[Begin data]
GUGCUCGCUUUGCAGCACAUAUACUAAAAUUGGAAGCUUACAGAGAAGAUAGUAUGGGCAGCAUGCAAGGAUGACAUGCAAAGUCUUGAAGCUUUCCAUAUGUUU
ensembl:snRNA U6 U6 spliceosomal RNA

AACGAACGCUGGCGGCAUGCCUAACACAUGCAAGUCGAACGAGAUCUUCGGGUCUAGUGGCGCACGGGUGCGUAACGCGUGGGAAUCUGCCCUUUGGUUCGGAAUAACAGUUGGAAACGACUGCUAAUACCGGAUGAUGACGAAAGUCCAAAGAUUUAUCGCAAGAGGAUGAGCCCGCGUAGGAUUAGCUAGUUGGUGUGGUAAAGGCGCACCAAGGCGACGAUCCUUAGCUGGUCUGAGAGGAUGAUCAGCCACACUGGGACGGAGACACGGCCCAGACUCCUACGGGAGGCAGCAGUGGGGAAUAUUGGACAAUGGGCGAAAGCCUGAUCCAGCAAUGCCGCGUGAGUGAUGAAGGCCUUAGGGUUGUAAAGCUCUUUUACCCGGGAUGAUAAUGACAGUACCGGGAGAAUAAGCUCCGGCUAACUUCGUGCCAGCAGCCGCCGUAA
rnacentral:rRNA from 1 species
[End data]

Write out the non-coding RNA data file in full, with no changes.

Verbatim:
GUGCUCGCUUUGCAGCACAUAUACUAAAAUUGGAAGCUUACAGAGAAGAUAGUAUGGGCAGCAUGCAAGGAUGACAUGCAAAGUCUUGAAGCUUUCCAUAUGUUU
ensembl:snRNA U6 U6 spliceosomal RNA

AACGAACGCUGGCGGCAUGCCUAACACAUGCAAGUCGAACGAGAUCUUCGGGUCUAGUGGCGCACGGGUGCGUAACGCGUGGGAAUCUGCCCUUUGGUUCGGAAUAACAGUUGGAAACGACUGCUAAUACCGGAUGAUGACGAAAGUCCAAAGAUUUAUCGCAAGAGGAUGAGCCCGCGUAGGAUUAGCUAGUUGGUGUGGUAAAGGCGCACCAAGGCGACGAUCCUUAGCUGGUCUGAGAGGAUGAUCAGCCACACUGGGACGGAGACACGGCCCAGACUCCUACGGGAGGCAGCAGUGGGGAAUAUUGGACAAUGGGCGAAAGCCUGAUCCAGCAAUGCCGCGUGAGUGAUGAAGGCCUUAGGGUUGUAAAGCUCUUUUACCCGGGAUGAUAAUGACAGUACCGGGAGAAUAAGCUCCGGCUAACUUCGUGCCAGCAGCCGCCGUAA
rnacentral:rRNA from 1 species